Crafting an Effective Elevator Pitch

No Comments
An elevator pitch will often be the first impression your company will make to prospective customers. Because of this, it is important that it be well organized and polished so that you represent both yourself and your company well. You never know when you will run into a potential client, so it is extremely important that you always have your elevator pitch in your back pocket, ready for delivery.


What exactly do you do?
What makes your company or product different than the competition?
What do you have to offer?
What are your goals?
Where is your company going?
Why should you be trusted?
 These are all questions to ask during the brainstorming process of crafting your pitch. It is important to think through everything that can best support your product. At this point we are only concerned with ideas. Therefore don’t put any limits on yourself. Come up with as many angles and as many selling points as you can think of.
After you identify your selling points, it is important that you identify how to get others involved in the pitch. Brainstorm how you are relevant to others, and how to best express it. People want to be involved in conversation. Ask yourself how to do that. In some situations you can ask them about their own life. Ask them about their experience with similar products, and ask them what they would prefer in a product like this.
It is important to recognize that this process is all about brainstorming, not solidifying. You do not have to use everything you come up with in the actual pitch. Take the pressure to make it perfect off of yourself, and instead be willing to have crazy ideas. Sometimes these crazy ideas or questions will be your best tactic. However, if nothing does come out of them, what did you lose by simply brainstorming?


Once you have identified all of the important aspects and questions for your company, it is time to take all that you identified and begin to form a pitch. This must start by eliminating. This is where you have to prioritize information. Remember, an elevator pitch should be short, so only the most important pieces of information should be included. Come up with about three main aspects to keep, and about two ways to directly interact with the person you are pitching to. Be sure that everything you choose to keep is extremely relevant and engaging. Also, be sure that the information that you choose differentiates you from all others in the market.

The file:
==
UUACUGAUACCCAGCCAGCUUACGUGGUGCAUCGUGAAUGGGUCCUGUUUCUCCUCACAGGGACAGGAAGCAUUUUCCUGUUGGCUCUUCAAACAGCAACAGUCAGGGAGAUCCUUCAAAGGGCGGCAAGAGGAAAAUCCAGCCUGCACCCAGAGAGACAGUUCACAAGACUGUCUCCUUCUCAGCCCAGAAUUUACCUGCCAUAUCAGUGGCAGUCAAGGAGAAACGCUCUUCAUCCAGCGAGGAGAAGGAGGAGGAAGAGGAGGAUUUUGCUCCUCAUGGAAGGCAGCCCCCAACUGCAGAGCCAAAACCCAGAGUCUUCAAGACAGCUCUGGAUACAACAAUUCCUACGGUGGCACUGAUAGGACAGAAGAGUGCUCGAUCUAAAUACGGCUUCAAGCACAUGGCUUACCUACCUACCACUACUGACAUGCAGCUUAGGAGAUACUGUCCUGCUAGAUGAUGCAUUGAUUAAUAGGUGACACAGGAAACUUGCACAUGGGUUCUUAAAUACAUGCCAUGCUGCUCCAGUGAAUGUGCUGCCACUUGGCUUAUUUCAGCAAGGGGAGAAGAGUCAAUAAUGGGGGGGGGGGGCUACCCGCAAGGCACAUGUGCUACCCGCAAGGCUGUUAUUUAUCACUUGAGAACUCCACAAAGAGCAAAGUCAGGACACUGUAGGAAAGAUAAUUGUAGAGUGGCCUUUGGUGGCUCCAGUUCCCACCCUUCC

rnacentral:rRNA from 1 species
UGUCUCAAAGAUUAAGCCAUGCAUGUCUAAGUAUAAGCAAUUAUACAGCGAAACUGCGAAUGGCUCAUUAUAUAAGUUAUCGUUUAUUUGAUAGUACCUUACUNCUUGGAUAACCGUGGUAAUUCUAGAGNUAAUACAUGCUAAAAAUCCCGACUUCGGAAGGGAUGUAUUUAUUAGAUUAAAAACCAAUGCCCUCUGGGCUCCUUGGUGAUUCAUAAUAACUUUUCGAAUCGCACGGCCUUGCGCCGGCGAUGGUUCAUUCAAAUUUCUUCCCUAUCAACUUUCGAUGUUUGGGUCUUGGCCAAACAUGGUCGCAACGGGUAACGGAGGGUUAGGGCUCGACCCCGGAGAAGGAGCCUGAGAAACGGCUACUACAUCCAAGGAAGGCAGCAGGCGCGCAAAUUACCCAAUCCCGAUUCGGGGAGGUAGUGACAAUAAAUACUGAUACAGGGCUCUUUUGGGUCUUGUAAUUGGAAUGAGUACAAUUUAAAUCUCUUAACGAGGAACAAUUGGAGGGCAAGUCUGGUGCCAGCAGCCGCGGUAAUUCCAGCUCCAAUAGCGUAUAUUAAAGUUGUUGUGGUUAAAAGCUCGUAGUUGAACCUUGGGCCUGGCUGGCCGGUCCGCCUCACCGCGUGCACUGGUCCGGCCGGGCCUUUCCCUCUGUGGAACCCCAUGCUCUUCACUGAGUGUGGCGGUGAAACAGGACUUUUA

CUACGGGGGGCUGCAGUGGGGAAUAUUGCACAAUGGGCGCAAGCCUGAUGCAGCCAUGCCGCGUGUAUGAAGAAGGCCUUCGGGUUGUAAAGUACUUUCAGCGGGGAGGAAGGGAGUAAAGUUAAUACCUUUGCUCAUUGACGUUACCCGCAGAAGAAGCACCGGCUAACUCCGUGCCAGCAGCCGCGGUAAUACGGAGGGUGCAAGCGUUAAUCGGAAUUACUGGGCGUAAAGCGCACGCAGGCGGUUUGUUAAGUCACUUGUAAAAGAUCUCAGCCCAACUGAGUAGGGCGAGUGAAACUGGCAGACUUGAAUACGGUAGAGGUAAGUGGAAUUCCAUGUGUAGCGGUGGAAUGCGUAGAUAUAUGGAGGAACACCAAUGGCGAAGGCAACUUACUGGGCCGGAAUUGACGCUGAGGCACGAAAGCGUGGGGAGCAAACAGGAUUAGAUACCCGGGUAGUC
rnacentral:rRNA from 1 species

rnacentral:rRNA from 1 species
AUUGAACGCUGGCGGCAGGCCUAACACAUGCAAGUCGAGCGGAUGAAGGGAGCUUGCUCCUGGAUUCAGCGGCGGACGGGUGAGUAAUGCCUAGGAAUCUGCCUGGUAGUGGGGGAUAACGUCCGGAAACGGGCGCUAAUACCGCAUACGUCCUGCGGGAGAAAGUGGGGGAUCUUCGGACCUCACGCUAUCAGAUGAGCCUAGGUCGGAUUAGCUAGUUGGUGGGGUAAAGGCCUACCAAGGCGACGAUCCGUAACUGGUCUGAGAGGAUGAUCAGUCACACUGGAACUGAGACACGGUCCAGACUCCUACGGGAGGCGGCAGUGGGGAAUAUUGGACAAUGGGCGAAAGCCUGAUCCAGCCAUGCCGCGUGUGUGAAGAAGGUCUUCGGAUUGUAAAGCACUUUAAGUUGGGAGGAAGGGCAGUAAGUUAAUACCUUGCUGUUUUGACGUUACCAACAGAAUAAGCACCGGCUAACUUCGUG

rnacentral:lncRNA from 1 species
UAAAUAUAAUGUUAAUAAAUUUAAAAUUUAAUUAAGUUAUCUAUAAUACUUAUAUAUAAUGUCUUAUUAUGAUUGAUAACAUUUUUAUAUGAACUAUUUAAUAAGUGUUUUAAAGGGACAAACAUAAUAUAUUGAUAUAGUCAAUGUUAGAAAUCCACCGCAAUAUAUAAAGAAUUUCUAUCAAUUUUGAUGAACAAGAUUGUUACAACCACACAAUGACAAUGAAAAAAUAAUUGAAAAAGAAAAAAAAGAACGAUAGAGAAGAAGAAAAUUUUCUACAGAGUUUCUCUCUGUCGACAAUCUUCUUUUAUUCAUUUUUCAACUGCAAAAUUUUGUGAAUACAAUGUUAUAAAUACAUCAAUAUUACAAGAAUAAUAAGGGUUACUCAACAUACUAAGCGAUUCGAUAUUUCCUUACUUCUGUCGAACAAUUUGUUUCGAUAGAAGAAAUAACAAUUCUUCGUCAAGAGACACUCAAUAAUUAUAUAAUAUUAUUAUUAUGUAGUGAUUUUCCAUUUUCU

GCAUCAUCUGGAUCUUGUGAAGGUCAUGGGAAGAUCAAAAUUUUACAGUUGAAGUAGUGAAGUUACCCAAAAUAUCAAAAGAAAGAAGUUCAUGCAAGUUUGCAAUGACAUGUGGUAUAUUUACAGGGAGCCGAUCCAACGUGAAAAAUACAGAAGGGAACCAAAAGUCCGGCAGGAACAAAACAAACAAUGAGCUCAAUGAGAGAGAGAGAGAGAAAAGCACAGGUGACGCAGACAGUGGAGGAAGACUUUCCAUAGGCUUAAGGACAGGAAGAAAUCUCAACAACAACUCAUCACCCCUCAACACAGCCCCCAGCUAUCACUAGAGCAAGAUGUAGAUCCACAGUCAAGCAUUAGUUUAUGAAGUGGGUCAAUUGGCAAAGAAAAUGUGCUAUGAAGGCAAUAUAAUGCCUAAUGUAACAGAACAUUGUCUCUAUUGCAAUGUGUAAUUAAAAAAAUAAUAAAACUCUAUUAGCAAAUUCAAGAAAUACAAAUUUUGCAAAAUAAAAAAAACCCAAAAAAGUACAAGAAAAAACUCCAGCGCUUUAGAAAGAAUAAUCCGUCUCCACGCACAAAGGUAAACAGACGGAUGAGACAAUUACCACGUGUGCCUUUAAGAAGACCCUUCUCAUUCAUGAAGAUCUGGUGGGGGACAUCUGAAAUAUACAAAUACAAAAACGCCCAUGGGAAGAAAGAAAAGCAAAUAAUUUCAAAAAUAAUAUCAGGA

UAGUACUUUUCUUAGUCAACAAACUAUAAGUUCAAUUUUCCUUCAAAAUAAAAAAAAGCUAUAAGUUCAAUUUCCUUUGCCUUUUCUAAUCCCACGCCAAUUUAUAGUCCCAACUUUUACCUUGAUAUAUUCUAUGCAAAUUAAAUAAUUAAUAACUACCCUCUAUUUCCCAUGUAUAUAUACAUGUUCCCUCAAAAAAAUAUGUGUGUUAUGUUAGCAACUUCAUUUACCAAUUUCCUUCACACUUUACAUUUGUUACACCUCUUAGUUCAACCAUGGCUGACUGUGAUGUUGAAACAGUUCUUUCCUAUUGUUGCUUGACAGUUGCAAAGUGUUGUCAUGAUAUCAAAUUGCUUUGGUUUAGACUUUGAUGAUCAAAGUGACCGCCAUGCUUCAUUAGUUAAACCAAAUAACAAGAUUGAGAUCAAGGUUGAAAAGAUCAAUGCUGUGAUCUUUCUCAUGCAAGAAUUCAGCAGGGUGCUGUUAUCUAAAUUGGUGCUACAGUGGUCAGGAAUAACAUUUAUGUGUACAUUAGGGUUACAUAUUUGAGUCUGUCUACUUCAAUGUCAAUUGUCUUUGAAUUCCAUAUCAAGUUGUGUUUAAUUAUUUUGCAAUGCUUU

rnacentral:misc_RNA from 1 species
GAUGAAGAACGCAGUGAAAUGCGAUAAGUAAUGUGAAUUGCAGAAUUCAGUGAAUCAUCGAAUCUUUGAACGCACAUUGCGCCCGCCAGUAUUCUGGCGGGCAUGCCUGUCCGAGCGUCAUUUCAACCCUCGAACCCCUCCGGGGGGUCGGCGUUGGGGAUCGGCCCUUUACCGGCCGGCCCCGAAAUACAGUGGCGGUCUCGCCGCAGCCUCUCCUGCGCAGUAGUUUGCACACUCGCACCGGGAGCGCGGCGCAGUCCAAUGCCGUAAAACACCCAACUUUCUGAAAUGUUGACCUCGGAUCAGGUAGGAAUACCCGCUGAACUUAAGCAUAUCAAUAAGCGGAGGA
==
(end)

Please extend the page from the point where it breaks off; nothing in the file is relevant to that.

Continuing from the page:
Once you have only the most significant points remaining, it is time to organize. No matter how strong the information is, if it is not organized in a professional manner the pitch will seem sloppy. Be sure that the pitch flows from one topic to the next, and that you place an attention grabber at the beginning. Some may choose to apply the interactive factor at the beginning of the pitch, and some may prefer to introduce it at the end. It is up to you to decide where everything will have the greatest impact and organize the pitch in such a manner.


Finally, be sure to practice! Time is essential in the elevator pitch so it is important that no seconds are wasted with pauses and “um’s.” Set up a timer and pitch the idea to yourself in the mirror. Make sure that the speech is less than a minute long, and that you are confident and rehearsed enough to pitch it without the need of notes of bullet points. Even after you nail the speech, it is a good idea to practice it about once a week in order to stay polished.

An elevator pitch can make or break a first impression. Be sure that you are prepared to deliver yours at any time and in any place. Let Mars Hill Marketing handle the rest of your marketing needs. Contact Us today.

About us and this blog

We are a digital marketing company with a focus on helping our customers achieve great results across several key areas.

Request a free quote

We offer professional SEO services that help websites increase their organic search score drastically in order to compete for the highest rankings even when it comes to highly competitive keywords.

Subscribe to our newsletter!

More from our blog

See all posts

Leave a Reply